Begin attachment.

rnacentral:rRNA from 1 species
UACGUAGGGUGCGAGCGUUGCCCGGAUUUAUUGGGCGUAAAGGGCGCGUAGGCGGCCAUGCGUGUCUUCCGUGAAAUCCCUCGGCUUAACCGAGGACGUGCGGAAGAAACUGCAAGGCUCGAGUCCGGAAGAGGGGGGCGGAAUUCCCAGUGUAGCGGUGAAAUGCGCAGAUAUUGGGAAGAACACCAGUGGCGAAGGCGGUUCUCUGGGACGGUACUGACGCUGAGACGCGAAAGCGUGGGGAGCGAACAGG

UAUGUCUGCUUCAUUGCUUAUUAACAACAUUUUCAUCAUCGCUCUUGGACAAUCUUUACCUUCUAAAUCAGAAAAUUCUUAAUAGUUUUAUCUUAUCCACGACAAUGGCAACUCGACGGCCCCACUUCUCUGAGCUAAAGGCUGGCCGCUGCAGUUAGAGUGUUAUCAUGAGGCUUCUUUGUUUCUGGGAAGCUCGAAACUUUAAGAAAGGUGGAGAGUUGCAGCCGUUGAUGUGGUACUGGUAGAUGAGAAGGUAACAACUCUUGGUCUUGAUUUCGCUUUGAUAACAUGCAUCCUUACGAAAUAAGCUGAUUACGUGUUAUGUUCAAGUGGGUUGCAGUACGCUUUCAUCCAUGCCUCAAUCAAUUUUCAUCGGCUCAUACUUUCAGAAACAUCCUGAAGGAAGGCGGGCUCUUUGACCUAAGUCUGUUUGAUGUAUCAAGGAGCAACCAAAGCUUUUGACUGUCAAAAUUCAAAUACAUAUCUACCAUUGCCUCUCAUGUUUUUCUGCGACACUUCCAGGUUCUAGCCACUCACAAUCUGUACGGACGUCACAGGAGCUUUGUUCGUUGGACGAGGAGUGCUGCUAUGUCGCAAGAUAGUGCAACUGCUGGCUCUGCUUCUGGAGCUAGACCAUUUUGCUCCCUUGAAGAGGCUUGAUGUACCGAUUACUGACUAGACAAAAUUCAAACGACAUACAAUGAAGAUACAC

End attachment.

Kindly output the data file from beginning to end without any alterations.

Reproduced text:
rnacentral:rRNA from 1 species
UACGUAGGGUGCGAGCGUUGCCCGGAUUUAUUGGGCGUAAAGGGCGCGUAGGCGGCCAUGCGUGUCUUCCGUGAAAUCCCUCGGCUUAACCGAGGACGUGCGGAAGAAACUGCAAGGCUCGAGUCCGGAAGAGGGGGGCGGAAUUCCCAGUGUAGCGGUGAAAUGCGCAGAUAUUGGGAAGAACACCAGUGGCGAAGGCGGUUCUCUGGGACGGUACUGACGCUGAGACGCGAAAGCGUGGGGAGCGAACAGG

UAUGUCUGCUUCAUUGCUUAUUAACAACAUUUUCAUCAUCGCUCUUGGACAAUCUUUACCUUCUAAAUCAGAAAAUUCUUAAUAGUUUUAUCUUAUCCACGACAAUGGCAACUCGACGGCCCCACUUCUCUGAGCUAAAGGCUGGCCGCUGCAGUUAGAGUGUUAUCAUGAGGCUUCUUUGUUUCUGGGAAGCUCGAAACUUUAAGAAAGGUGGAGAGUUGCAGCCGUUGAUGUGGUACUGGUAGAUGAGAAGGUAACAACUCUUGGUCUUGAUUUCGCUUUGAUAACAUGCAUCCUUACGAAAUAAGCUGAUUACGUGUUAUGUUCAAGUGGGUUGCAGUACGCUUUCAUCCAUGCCUCAAUCAAUUUUCAUCGGCUCAUACUUUCAGAAACAUCCUGAAGGAAGGCGGGCUCUUUGACCUAAGUCUGUUUGAUGUAUCAAGGAGCAACCAAAGCUUUUGACUGUCAAAAUUCAAAUACAUAUCUACCAUUGCCUCUCAUGUUUUUCUGCGACACUUCCAGGUUCUAGCCACUCACAAUCUGUACGGACGUCACAGGAGCUUUGUUCGUUGGACGAGGAGUGCUGCUAUGUCGCAAGAUAGUGCAACUGCUGGCUCUGCUUCUGGAGCUAGACCAUUUUGCUCCCUUGAAGAGGCUUGAUGUACCGAUUACUGACUAGACAAAAUUCAAACGACAUACAAUGAAGAUACAC